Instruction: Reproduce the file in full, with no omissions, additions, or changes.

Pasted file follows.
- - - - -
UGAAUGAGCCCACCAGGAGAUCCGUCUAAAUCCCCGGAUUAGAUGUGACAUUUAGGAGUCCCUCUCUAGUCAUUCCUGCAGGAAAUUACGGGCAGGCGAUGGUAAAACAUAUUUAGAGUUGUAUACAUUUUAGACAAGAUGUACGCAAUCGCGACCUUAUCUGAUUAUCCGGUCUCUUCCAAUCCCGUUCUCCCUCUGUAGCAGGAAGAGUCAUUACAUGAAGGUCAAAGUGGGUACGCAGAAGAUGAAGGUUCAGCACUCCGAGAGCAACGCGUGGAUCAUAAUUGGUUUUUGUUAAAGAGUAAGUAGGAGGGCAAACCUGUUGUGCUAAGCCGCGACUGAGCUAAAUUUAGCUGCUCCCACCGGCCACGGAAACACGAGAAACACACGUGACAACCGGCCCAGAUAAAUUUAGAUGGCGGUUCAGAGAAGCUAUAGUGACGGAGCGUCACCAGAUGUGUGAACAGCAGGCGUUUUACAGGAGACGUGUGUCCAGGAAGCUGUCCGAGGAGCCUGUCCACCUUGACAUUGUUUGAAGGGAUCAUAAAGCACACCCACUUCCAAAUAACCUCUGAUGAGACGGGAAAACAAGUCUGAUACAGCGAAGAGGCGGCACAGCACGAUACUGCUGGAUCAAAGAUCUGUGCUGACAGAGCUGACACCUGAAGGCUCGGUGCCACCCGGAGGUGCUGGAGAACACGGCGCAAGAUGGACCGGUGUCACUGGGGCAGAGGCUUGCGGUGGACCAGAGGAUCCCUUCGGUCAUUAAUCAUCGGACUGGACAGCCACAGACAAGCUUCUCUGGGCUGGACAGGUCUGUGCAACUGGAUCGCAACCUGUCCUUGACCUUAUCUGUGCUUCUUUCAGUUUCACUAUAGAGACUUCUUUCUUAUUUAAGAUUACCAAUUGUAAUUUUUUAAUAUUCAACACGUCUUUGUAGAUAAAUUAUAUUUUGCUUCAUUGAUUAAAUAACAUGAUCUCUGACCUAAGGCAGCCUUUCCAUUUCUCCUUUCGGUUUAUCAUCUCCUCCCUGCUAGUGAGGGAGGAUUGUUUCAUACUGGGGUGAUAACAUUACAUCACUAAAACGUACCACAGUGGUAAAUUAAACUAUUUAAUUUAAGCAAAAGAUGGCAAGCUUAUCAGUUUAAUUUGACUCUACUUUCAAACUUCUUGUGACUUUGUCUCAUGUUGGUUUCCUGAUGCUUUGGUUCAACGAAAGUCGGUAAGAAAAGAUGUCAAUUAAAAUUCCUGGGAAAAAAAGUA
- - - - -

UGAAUGAGCCCACCAGGAGAUCCGUCUAAAUCCCCGGAUUAGAUGUGACAUUUAGGAGUCCCUCUCUAGUCAUUCCUGCAGGAAAUUACGGGCAGGCGAUGGUAAAACAUAUUUAGAGUUGUAUACAUUUUAGACAAGAUGUACGCAAUCGCGACCUUAUCUGAUUAUCCGGUCUCUUCCAAUCCCGUUCUCCCUCUGUAGCAGGAAGAGUCAUUACAUGAAGGUCAAAGUGGGUACGCAGAAGAUGAAGGUUCAGCACUCCGAGAGCAACGCGUGGAUCAUAAUUGGUUUUUGUUAAAGAGUAAGUAGGAGGGCAAACCUGUUGUGCUAAGCCGCGACUGAGCUAAAUUUAGCUGCUCCCACCGGCCACGGAAACACGAGAAACACACGUGACAACCGGCCCAGAUAAAUUUAGAUGGCGGUUCAGAGAAGCUAUAGUGACGGAGCGUCACCAGAUGUGUGAACAGCAGGCGUUUUACAGGAGACGUGUGUCCAGGAAGCUGUCCGAGGAGCCUGUCCACCUUGACAUUGUUUGAAGGGAUCAUAAAGCACACCCACUUCCAAAUAACCUCUGAUGAGACGGGAAAACAAGUCUGAUACAGCGAAGAGGCGGCACAGCACGAUACUGCUGGAUCAAAGAUCUGUGCUGACAGAGCUGACACCUGAAGGCUCGGUGCCACCCGGAGGUGCUGGAGAACACGGCGCAAGAUGGACCGGUGUCACUGGGGCAGAGGCUUGCGGUGGACCAGAGGAUCCCUUCGGUCAUUAAUCAUCGGACUGGACAGCCACAGACAAGCUUCUCUGGGCUGGACAGGUCUGUGCAACUGGAUCGCAACCUGUCCUUGACCUUAUCUGUGCUUCUUUCAGUUUCACUAUAGAGACUUCUUUCUUAUUUAAGAUUACCAAUUGUAAUUUUUUAAUAUUCAACACGUCUUUGUAGAUAAAUUAUAUUUUGCUUCAUUGAUUAAAUAACAUGAUCUCUGACCUAAGGCAGCCUUUCCAUUUCUCCUUUCGGUUUAUCAUCUCCUCCCUGCUAGUGAGGGAGGAUUGUUUCAUACUGGGGUGAUAACAUUACAUCACUAAAACGUACCACAGUGGUAAAUUAAACUAUUUAAUUUAAGCAAAAGAUGGCAAGCUUAUCAGUUUAAUUUGACUCUACUUUCAAACUUCUUGUGACUUUGUCUCAUGUUGGUUUCCUGAUGCUUUGGUUCAACGAAAGUCGGUAAGAAAAGAUGUCAAUUAAAAUUCCUGGGAAAAAAAGUA